An internet junkie’s ramblings


This is just a place for me to rant about politics, society, technology, or whatever else strikes a nerve.
Don't try this at home.

Alternate title: Anti-smoking legislation is destroying America.

It’s no secret that I’m a free-market kind of guy. I believe the free market can solve all of society’s ills given enough time, but politicians seem intent on trying to regulate businesses any way they can to get more votes. I’m also not a fan of any laws or regulations that limit a person’s personal decisions, whatever they may be. It’s not a mistake that the only law restricting personal freedoms in the Constitution, Prohibition, was repealed. This is also a point of contention when discussing flag-burning or gay marriage amendments, but I’ll save those for another time.

Most, if I may generalize, of the anti-smoking campaigners say that it’s not a personal issue, since secondhand smoke has been proven to be harmful. I see this as even more evidence that it is a personal decision, and now a more educated one at that. Science is there to help us make decisions every day, so it should be simple enough to think to yourself, “I’m glad that they found secondhand smoke is dangerous, now I can avoid establishments that allow smoking.” That is not the case.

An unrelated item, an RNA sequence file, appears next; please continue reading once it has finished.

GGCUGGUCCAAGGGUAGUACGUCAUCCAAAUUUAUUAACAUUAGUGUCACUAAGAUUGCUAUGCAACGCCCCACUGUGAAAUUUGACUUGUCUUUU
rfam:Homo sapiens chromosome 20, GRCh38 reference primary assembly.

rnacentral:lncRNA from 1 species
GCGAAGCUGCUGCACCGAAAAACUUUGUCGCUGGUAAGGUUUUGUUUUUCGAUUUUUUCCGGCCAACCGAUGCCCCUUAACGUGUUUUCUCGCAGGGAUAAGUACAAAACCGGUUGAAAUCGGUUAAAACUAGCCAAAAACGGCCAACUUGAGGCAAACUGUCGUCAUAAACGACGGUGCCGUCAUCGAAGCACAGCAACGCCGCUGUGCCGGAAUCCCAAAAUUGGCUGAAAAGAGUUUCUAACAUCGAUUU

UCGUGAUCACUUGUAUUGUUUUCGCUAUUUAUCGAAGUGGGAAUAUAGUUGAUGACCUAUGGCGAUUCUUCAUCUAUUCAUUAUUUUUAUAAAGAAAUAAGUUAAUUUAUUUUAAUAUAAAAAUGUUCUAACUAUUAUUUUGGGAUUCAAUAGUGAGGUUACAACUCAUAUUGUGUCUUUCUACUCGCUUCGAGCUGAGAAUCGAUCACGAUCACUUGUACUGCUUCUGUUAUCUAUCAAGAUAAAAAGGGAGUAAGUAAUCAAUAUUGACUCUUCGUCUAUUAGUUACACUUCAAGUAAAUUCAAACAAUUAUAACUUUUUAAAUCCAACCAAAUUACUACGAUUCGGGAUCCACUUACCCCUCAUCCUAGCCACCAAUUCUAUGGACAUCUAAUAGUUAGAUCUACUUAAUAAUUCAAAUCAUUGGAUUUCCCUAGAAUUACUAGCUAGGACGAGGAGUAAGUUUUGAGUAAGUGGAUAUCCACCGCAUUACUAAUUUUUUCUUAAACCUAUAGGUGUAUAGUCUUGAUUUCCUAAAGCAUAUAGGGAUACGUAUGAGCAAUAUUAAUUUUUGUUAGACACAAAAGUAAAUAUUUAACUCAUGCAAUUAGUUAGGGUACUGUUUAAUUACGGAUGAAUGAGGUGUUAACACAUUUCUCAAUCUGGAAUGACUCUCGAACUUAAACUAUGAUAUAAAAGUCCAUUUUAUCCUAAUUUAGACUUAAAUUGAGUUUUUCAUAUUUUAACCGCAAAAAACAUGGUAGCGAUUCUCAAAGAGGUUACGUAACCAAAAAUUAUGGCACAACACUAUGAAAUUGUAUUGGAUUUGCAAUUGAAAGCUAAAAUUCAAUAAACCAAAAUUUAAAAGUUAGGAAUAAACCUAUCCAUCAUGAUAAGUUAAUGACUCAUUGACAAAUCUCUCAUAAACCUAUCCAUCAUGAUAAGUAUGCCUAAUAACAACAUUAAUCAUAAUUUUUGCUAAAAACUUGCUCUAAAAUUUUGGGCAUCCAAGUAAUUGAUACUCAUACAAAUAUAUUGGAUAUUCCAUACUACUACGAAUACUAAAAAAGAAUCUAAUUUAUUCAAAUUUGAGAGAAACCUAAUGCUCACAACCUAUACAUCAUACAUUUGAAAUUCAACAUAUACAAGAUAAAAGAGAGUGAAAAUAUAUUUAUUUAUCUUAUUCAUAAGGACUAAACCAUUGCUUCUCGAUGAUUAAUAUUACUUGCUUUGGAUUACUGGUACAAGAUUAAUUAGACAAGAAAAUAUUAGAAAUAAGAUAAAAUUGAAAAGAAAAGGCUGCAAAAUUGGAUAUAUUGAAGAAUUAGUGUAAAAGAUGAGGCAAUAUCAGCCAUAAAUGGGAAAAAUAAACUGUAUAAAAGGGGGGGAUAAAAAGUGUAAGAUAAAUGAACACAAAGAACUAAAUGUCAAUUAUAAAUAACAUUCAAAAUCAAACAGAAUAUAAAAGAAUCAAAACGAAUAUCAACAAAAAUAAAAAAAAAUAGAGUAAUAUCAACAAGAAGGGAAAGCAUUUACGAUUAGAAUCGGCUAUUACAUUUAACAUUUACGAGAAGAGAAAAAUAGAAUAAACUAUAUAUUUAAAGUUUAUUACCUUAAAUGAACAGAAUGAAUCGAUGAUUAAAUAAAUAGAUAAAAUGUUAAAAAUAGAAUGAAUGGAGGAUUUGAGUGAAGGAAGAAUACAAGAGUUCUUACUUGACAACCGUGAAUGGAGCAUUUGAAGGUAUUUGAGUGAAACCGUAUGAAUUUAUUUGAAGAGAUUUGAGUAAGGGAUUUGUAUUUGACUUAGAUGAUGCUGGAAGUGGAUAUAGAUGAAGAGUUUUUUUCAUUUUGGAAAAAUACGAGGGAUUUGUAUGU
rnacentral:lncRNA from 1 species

These same people say that smoking is so pervasive in their daily lives that it’s impossible to avoid secondhand smoke. I’ll avoid the arguments that restaurants cannot adequately separate smoking and nonsmoking sections, because that’s not my point. My point is that if you are aware that a place allows smoking, and you didn’t want to inhale secondhand smoke, why wouldn’t you avoid that place?

This is where the free market comes into the equation. If enough people had that same mindset, the places that allowed smoking would make a wise business decision to no longer allow smoking. When Philadelphia recently banned smoking, a friend there said he couldn’t be happier. He said that over 80% of the people he knew, and he extrapolated this sample to encompass the city’s populous, wanted this law to pass. It was this same 80% that didn’t feel strongly enough to actually make a difference. They begged the legislators to step in and rescue their lungs from smoke-filled bars.

How come no one stepped up to create a smoke-free bar in Philly, with such an automatic built-in customer base? My friend’s response was that “people don’t go to smoke-free bars.” What? That response just tells me that the one or two smoker friends are either too stubborn to try a new place, or the non-smokers are too apathetic to do anything about it. I’m thinking it’s much more of the latter.

These are the same people that rally to regulate big corporations, yet shop at Wal-Mart. They drive gas-guzzling cars, and petition their congressmen to increase fuel efficiency. Actions speak exponentially louder than words. If only Americans would change their own behavior rather than be molded by the legislature, we could truly return to the glorious foundations of this country.

— I’m a non-smoker
I thought The Onion was supposed to be funny

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